Nourishing a pregnant body.

One of the (many) challenging things a pregnant woman faces is “what should I eat?” I have had a number of conversations with pregnant friends and patients over the last few weeks on this very topic. Ideally the best way to nourish your body and meet the nutritional needs of you and your baby is to eat a wide variety of nutritious, unprocessed foods.  However this can be challenged by several factors; nausea and morning (all day sickness), food aversions, heightened sense of smell and fatigue.

During the first trimester and sometimes continuing into the second, many pregnant women want plain for and often find themselves eating more toast and rice cakes than they ever have before. Pregnancy is a time when it is very important to regularly listen to your body and to give it what it really needs. A great example would be “Im feeling low in energy, I need some chocolate,” versus “my energy levels are low, what does my body need right now?” and feeding that need with a good source of protein and/or some good fats, maybe even having a little rest. Obviously this example doesn’t apply if you are feeling really sick and need something asap to settle the nausea or vomiting.

Below I have included a few recipes that would work well for pregnant ladies. These recipes all make extra so you can either store in the fridge or freeze in portions so you have good food on hand at all times!


Chicken Stock

Making your own stock is super easy and an excellent way to spend some time on the weekend.

Stock is really nutritious as it is full of minerals and electrolytes, it aids digestion and soothes the gut. Given stock is cooked slowly over time it is an excellent way to get protein into your diet and it is easy for the body to uptake the nutritional value within it for the same reason. Store bought stocks are very processed and usually laden with extra salt and flavouring, plus making your own will make you feel like Maggie Beer (my kitchen hero.) If you are pregnant, your cooked stock will be plain and highly nutritious o it ticks all the boxes for you & your growing baby.

When I make stock, it is always a little different every time depending on what veggies I have on hand. Here is the basic recipe for you.


makes 3-4 litres

  • 1 whole organic chicken, plus some extra bits if possible. I usually ask my lovely butcher for some extra necks and feet, otherwise you can add in some wings or drumsticks.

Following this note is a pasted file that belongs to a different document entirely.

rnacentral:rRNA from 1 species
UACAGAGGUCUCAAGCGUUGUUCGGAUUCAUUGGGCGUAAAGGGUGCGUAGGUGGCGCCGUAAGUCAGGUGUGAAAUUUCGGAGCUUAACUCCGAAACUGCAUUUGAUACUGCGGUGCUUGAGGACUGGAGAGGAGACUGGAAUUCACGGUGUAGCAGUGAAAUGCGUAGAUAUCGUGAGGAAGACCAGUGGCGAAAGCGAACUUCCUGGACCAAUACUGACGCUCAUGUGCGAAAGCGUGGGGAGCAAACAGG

• 4 litres of filtered water (to cover chicken in the pot)
  • 2-3 carrots
  • 1 onion
  • 1 leek
  • 1-2 sticks of celery
  • 1 teaspoon of black peppercorns
  • a few bay leaves
  • a few sprigs thyme, sage or chives (whatever you have handy)
  • a dash of vinegar (this draws the minerals out of the bones and into your broth.)


  1. Roughly chop the veggies
  2. put all ingredients into a big soup pot and cover with water. Add extra if you need to as it important that everything is well covered.
  3. Bring to the boil then reduce heat, cover and simmer for as long as you can. Minimum of 3 hours, I like to aim for 6-7 hours.
  4. Pul out the bigger bits of chicken and then pour the stock through a sieve.
  5. Discard the veggies (I feed mine to our dogs)
  6. Pour the stock into a container large enough to hold it and once it has cooled slightly, place it in the fridge to allow the fat to settle on the top.
  7. Pick all the chicken off the bones and keep it. If you are making chicken soup, you can use it straight away, otherwise freeze extra chicken in portions and add to salads, soups and snacks.
  8. Once the fat has congealed on top of your soup mixture, scoop most of it off and your stock is ready to go. You can discard the chicken fat or keep to roast vegetables in.
  9. If you are making soup, use the stock that you need and freeze unused portions. I usually do this in 500ml blocks so I can use it later to make a quick soup- with leftover chicken and some veggies or when I am cooking other things.

Stock keeps for about 5 days in the fridge and several months in the freezer, just ensure that it is airtight.

If I am planning on making stock and have recently roared a chicken I will freeze the roasted carcass & add that to my stock pot too.


Quick chicken soup

Anything goes here, you could add more veggies, less spices, add some seaweed or whatever else you have handy.



Serves 1

  • 500ml chicken stock
  • handful of cooked chicken (this is where your leftover chicken from the stock comes in handy)
  • 1/2 chilli finely chopped
  • 2cm piece of ginger, grated
  • 1 small carrot finely chopped
  • Bok choy or choy sum, chopped
  • A handful of coriander


  • Add all ingredients except bok chou and coriander in a saucepan and bring to the boil, reduce heat and simmer for 5-10 minutes
  • Add bok choy and coriander and serve.


Check out Nourishing a pregnant body part 2 for more recipes.








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